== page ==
How ISE Builds ETF Partnerships

March 08, 2016 I was actually thinking “incubator.”

Monaco: Yes; incubator, because sometimes we'll come up with the idea and plant it, or sometimes people come to us with an idea and we like it and we'll help nurture it. It's really a way to enable the creation of ETFs with emerging managers, who may be entrepreneurs who have had different roles in the investment management space.

They could be executives that have left a longtime position at an ETF issuance shop. It could also be firms that are looking to break into the ETF space. They could be an ETF model portfolio manager that wants to bring out a one-ticker solution product, foreign firms that want to establish a beachhead in the U.S. or mutual fund companies that just aren’t wired for ETFs but need to establish a presence.

We're talking to quite a few firms now that could use our support—maybe not as much on the financial side, but in all the other areas—to help get the product going.

Our biggest one, of course, has been the PureFunds ISE Cyber Security ETF (HACK | C-32). The timing has been awesome and very fortunate. But we never count on that. Our goal is to participate in as many smart products as we can, even if it’s a smaller amount. Because when we're investing, we're investing in our partner. Good ideas come from good people. And once we find a good partner, we want to expand the relationship.

With PureFunds, after the video game tech and drone tech funds launch, it'll be six products, and there are more coming.

Same with YieldShares. We’re working with Christian Magoon on the Amplify-branded online retail ETF.

We’re working with Brad Loncar for Loncar Investments and the Loncar Cancer Immunotherapy (CNCR). We worked with Tierra XP to launch the Tierra XP Latin America Real Estate ETF (LARE).

All of these firms are either young firms, or established players that don't have a presence in the ETF space, and we get to help them grow their product. We're not diluting their interest in their firm. We're not pushing for an exit strategy. We're not asking them to sell something. We're not asking for a board seat.

We're looking for a long-term relationship. If things are going well, there's no exit strategy. The only exit strategy is when things aren't going well and the fund has to be closed or changed. So they're not hiring you, they're partnering with you.

Monaco: Absolutely. Does that mean you’re selective about who you partner with?

Monaco: We are. We hear a lot of ideas, and sometimes they're good ideas, but we have to ask “How will you participate in the growth of this? It still has to be built out. There's a lot of work and resources that have to be spent in order to do this. What's your plan?” If they say, “Well, I don't really know,” we politely decline.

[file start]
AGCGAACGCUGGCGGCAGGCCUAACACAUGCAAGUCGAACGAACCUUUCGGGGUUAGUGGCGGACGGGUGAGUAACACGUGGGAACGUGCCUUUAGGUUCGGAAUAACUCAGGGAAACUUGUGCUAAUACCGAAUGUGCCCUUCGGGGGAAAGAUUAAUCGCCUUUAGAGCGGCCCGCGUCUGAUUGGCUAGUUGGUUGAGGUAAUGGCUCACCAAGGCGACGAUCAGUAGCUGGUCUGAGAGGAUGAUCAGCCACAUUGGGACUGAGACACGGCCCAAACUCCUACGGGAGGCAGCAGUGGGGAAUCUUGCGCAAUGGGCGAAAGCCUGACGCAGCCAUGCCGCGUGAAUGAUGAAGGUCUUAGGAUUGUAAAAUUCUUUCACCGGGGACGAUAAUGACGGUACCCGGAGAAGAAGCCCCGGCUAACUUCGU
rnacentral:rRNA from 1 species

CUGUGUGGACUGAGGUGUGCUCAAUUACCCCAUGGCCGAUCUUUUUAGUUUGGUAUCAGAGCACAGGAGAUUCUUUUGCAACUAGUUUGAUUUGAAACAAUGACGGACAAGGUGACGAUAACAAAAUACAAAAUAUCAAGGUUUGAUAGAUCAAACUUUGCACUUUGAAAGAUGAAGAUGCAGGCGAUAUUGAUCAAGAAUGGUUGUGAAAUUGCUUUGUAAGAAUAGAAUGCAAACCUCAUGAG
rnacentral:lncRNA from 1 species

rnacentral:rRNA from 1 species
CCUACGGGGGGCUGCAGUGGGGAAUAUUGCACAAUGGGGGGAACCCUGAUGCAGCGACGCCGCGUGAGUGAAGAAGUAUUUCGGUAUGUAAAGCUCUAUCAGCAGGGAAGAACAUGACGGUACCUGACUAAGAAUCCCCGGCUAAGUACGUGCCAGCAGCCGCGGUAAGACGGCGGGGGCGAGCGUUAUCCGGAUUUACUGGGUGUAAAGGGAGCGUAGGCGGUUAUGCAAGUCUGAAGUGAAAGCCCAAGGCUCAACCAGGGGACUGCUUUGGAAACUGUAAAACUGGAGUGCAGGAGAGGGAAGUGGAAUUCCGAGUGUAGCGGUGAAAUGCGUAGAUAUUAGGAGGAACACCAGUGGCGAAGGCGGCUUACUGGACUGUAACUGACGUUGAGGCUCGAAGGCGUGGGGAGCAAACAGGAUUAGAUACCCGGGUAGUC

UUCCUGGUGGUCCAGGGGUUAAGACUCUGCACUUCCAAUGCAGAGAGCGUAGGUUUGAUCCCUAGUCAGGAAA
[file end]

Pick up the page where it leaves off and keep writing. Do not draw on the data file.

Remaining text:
They have to have some experience in investment management, because otherwise managing expectations becomes super difficult. A lot of people come to us and they think they have the next billion-dollar idea. Well, they may, but when do you think it's going to be a billion dollars? Because if you're going to tell me by year one, two, three, forget it. It may happen, but never, ever count on something like that happening. How do you build indexes around such specific spaces like cybersecurity or video game technology?

Monaco: The team becomes equity analysts in the space. They dive right in. They're calling the investor relations teams of these firms. They're reading through financial statements. They're reading through marketing material, any research report coming from the sales side from equity analysts actually covering the space already.

The goal is to immerse ourselves in it as if we're covering this space. Because that's what people want from us: They want us to understand the space. What do you see for the future?

Monaco: Certainly expanding existing relationships is a priority. There's a wealth of intellectual property just waiting to be commercialized, but not all of it will work.

We have our own pipeline of ideas that we also want to commercialize and maybe find new partners to help do that, because they'll be the face of the product, or they're a subject matter expert as well.

The activity that we've done so far is just the tip of the iceberg in terms of how a venture role will help influence the future of the industry, in a very positive way. There are great ideas out there that aren't being heard and aren't being commercialized. There shouldn't be all this concentration among the top three issuers.

That's a huge opportunity, and I'm not going to claim that we'll have tens of billions of assets in our products, but it doesn't take that to be successful and to provide benefits to investors.

Contact Heather Bell at [email protected].

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